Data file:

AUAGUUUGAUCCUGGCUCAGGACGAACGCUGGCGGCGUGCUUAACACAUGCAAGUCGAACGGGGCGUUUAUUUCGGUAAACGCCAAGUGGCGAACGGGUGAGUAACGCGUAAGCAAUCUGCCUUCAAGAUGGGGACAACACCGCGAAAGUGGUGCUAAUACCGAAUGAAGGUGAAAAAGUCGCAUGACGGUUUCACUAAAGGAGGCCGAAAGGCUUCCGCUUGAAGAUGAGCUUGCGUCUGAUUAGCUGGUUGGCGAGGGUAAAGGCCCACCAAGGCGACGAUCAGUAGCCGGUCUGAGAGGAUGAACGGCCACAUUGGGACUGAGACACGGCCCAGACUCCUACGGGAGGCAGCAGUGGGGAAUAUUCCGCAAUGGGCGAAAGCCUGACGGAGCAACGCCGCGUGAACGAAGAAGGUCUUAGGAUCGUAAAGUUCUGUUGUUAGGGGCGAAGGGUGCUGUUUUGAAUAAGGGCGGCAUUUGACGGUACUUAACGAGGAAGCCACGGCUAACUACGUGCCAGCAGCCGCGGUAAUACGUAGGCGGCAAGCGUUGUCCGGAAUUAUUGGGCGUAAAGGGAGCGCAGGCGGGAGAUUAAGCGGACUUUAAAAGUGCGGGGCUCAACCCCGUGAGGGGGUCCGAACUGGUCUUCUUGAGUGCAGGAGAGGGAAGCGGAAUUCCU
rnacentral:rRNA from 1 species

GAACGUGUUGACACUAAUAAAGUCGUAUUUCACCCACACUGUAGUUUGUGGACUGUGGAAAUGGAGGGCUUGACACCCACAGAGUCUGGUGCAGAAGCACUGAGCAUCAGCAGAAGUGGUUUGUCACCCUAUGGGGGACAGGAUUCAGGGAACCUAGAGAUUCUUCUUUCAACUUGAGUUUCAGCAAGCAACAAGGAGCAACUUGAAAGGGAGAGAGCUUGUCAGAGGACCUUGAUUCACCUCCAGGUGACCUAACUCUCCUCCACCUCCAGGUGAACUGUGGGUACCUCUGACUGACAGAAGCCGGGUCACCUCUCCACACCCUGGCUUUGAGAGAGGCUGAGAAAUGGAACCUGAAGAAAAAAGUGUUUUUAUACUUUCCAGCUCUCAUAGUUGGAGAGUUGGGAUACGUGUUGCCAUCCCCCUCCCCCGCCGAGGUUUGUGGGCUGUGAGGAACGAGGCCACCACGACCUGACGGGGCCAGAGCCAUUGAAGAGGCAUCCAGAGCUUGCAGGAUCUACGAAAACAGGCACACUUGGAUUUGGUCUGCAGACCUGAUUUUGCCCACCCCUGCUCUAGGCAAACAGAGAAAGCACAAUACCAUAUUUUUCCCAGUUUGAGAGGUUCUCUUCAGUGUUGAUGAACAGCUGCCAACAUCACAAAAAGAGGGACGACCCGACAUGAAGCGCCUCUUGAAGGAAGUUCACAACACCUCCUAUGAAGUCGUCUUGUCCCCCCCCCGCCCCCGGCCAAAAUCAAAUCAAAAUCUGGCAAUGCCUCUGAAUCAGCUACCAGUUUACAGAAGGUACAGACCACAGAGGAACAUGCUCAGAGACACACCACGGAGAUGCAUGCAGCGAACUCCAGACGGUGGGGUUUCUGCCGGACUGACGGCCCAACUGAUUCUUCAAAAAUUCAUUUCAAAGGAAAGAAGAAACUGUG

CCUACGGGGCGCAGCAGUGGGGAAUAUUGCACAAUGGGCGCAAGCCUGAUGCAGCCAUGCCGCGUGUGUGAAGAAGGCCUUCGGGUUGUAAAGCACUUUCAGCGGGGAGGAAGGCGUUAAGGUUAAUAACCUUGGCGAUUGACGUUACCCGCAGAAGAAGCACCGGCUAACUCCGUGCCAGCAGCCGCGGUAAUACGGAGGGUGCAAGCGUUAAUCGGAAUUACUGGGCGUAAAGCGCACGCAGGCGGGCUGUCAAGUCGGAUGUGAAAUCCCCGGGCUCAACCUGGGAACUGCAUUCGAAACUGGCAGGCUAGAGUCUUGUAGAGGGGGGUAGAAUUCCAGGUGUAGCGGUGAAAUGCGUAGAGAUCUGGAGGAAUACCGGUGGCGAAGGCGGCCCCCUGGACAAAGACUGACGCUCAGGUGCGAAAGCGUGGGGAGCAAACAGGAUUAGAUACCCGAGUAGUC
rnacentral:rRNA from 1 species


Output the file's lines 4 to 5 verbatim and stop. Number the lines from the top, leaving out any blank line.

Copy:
CCUACGGGGCGCAGCAGUGGGGAAUAUUGCACAAUGGGCGCAAGCCUGAUGCAGCCAUGCCGCGUGUGUGAAGAAGGCCUUCGGGUUGUAAAGCACUUUCAGCGGGGAGGAAGGCGUUAAGGUUAAUAACCUUGGCGAUUGACGUUACCCGCAGAAGAAGCACCGGCUAACUCCGUGCCAGCAGCCGCGGUAAUACGGAGGGUGCAAGCGUUAAUCGGAAUUACUGGGCGUAAAGCGCACGCAGGCGGGCUGUCAAGUCGGAUGUGAAAUCCCCGGGCUCAACCUGGGAACUGCAUUCGAAACUGGCAGGCUAGAGUCUUGUAGAGGGGGGUAGAAUUCCAGGUGUAGCGGUGAAAUGCGUAGAGAUCUGGAGGAAUACCGGUGGCGAAGGCGGCCCCCUGGACAAAGACUGACGCUCAGGUGCGAAAGCGUGGGGAGCAAACAGGAUUAGAUACCCGAGUAGUC
rnacentral:rRNA from 1 species